By contrast, the other great kernel derivative is copra, which was the foundation of the trade between the coconut world and clients in temperate countries. Copra was the product of drying kernel, generally without any special attention to hygiene, while concentrating on getting the kernel to the drier as quickly as possible after splitting the nut. Quality varies a great deal depending on how rapidly the drying was done, how dry the material became (ideally 6% moisture meant a stable product) and how long the interval was between drying and delivery to the oil expeller on the other side of the world. In most supply systems the quality of the oil extracted from copra required refinement, especially for the food market.

A new approach to drying the kernel by means of deep frying is based on modified traditional practice found in some parts of Indonesia where the fried product was passed immediately to the expeller. However, this deep-fried :"copra" is very different from that dried in hot air, having an attractive additional flavor due to browning of the surface, and avoiding any significant chemical change in the oil because the process takes little more than one hour at ideal oil temperature. One major change to the traditional method of deep frying has give rise to Cocos Fries, which are tasty and have an extended shelf life.


Cocos Fries — Method of Production

The kernel is sliced from a fresh mature coconut in narrow strips 6 to 8mm wide using a knife similar to those used on some plantations to extract the kernel from split nuts in the field.


The kernel strips are then placed in a freezer until fully frozen. This freezing step makes a great difference to the dryness of the surface of the kernel, which will be explained later.

After defrosting and washing, the strips are submerged in cooking oil in a saucepan, preferably coconut oil, but olive oil is also suitable, as would be palm oil. The infusion of a small amount of oil of another type does not appear to impair the coconut flavor of the fries. Frying is done with moderate heat which generates vigorous bubbling as the moisture in the coconut is converted into water vapor, which

Cocos fries bubbling. coconut fries


escapes. Depending on the size of the batch, deep frying takes 30 to 60 minutes.

Once most of the moisture has been driven off, the oil temperature begins to rise, causing some color to  develop on the surface of the coconut strips. Frying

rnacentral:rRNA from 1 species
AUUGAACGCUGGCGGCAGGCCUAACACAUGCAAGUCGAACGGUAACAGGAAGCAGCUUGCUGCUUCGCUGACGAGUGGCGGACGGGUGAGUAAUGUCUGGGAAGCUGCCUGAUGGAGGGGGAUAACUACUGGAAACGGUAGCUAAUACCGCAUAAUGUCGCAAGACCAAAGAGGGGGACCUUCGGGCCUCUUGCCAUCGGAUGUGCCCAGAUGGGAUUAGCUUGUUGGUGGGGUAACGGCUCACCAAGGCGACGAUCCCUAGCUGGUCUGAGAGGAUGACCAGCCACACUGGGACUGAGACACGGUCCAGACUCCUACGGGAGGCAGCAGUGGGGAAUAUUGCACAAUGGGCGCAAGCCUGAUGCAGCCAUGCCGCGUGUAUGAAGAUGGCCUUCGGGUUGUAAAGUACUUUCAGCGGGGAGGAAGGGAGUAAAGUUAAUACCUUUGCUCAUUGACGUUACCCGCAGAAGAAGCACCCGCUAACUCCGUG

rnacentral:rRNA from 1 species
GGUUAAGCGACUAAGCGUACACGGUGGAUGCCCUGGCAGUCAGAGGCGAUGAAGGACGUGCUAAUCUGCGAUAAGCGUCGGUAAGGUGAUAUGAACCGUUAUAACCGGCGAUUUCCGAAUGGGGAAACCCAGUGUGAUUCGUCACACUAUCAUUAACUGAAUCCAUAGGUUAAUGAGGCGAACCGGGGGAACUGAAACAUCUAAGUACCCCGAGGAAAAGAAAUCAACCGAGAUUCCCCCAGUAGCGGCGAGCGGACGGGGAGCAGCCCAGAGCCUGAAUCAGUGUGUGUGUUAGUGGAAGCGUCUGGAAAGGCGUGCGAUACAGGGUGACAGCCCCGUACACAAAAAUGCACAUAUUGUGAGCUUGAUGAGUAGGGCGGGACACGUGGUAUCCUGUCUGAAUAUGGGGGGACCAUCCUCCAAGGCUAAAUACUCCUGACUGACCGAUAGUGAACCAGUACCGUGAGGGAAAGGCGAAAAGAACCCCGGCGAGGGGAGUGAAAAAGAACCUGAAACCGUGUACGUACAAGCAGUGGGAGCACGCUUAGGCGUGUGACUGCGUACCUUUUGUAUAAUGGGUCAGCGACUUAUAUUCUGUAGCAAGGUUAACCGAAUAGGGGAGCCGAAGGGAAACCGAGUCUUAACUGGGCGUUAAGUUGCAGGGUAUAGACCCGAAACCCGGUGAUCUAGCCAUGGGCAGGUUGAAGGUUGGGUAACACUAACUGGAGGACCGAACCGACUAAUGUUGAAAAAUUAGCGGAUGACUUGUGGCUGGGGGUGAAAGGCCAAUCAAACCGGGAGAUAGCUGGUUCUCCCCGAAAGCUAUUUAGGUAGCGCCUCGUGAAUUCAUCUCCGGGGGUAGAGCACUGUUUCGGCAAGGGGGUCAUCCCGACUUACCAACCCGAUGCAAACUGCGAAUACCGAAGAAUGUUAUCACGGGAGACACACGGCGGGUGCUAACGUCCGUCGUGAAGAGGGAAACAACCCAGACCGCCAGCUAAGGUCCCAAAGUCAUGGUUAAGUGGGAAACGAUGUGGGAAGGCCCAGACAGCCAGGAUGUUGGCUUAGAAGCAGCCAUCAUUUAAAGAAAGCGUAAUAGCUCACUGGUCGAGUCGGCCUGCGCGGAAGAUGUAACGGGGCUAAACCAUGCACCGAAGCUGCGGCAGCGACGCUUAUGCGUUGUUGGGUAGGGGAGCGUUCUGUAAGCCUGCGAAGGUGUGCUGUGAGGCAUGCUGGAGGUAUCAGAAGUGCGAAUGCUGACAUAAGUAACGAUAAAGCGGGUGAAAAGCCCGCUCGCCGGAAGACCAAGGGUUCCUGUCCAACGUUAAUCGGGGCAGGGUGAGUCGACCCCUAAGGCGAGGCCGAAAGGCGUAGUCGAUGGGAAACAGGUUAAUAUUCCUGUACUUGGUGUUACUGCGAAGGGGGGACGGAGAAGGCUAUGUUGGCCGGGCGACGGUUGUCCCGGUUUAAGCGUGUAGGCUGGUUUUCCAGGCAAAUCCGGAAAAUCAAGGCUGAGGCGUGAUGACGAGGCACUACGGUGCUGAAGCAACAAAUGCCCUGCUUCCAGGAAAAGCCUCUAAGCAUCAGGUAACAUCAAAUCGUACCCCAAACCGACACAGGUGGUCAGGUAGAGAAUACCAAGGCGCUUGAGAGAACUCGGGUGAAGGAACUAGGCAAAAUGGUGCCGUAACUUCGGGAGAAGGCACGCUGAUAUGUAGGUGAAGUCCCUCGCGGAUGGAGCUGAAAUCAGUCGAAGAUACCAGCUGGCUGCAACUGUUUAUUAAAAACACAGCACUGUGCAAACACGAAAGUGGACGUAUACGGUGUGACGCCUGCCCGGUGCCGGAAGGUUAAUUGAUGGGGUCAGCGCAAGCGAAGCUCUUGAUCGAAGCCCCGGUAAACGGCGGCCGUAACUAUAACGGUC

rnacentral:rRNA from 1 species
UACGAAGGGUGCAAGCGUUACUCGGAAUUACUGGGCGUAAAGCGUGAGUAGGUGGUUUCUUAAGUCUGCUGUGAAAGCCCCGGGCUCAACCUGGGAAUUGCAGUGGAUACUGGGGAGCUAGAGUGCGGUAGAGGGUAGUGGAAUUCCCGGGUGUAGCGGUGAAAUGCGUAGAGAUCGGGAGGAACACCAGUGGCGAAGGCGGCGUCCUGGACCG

Cocos fries golden brown. coconut fries

 should be stopped when most of the strips of coconut show some color ranging from gold to brown.

The oil is poured off at this point and the coconut left in a  strainer or other container to "drain." Remarkably, the surface of the strips develops a dry appearance and feel after an hour or two, as it seems that any oil on the surface is absorbed into the matrix. It appears that the freezing has


"loosened up" the fibers  somewhat, allowing internal water to more readily boil off and later allowing surface oil to be drawn in.

The Cocos Fries are packed in a paper bag to enable further air drying to take place. In a sealed container some moisture from within the strips makes its way to the surface and may support colonization by microbes. The paper bag will absorb traces of oil from the Fries.

If more adventurous flavors than pure coconut are required, that would be just a matter of adding a chosen spice to the frying oil.


Properties of Cocos Fries

As yet there are no scientific data to characterize the physical or chemical properties of Cocos Fries. It is likely that little chemical change has happened as the temperature would not have risen far above 100 degrees C for most of the process and the browning phase, when the oil temperature rises a little further, lasts only for a few minutes.

From the consumer's point of view the Fries are very tasty, possessing a mixture of genuine coconut flavor with an overtone of the caramelisation that generates the golden-brown color.

While warm, immediately after cooking, the texture of the Fries is remarkably soft, but when cool (and especially when cold) they are quite "chewy".

As the water content is close to 5%, the oil content would be around 60%, so that the fries may be regarded as a concentrated source of coconut oil.

For those who have access to fresh coconuts, generating one's own supply of this product provides a ready source of dietary coconut oil which has a convenient shelf life, even without refrigeration, of many weeks. (If the strips are not pre-frozen, however, the shelf life is only a few days as it appears that thorough drying is very hard to achieve without the texture changes provided by freezing).

Cocos Fries may well provide an alternative, in terms of enjoyment of the flavor, to other nut types that are served at parties and entertainment events where snacks are provided. The health advantage might also be pursued to promote this use.


What Is the Future for Cocos Fries?

In my view there appears to be commercial potential for the manufacture and export of Cocos Fries based on thorough product specification and imaginative marketing.

A private company seeking new products or a coconut research institution might be interested to optimize the production process, and carry out chemical analysis of the product to confirm the integrity of the oil components.

If the product shows promise through comprehensive market research in competing with other nuts in the market-place, research into packaging and the best form of presentation would likely follow.

The process of extracting the strips from the nut would perhaps be merchandisable by deshelling, as is done in DC processing, followed by slicing of the whole kernel using a tool resembling a bread loaf slicer.

Although at first acquaintance the Cocos Fry appears little different from copra, its color, texture and flavor might provide the foundation for a new product in the snack food and health food markets.


This article is reprinted with permission from Mike Foale. To learn more about the coconut slicing knife and other coconut related gadgets go to www.cocosplit.com.






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 Copyright © 2008,  Bruce Fife. All rights reserved.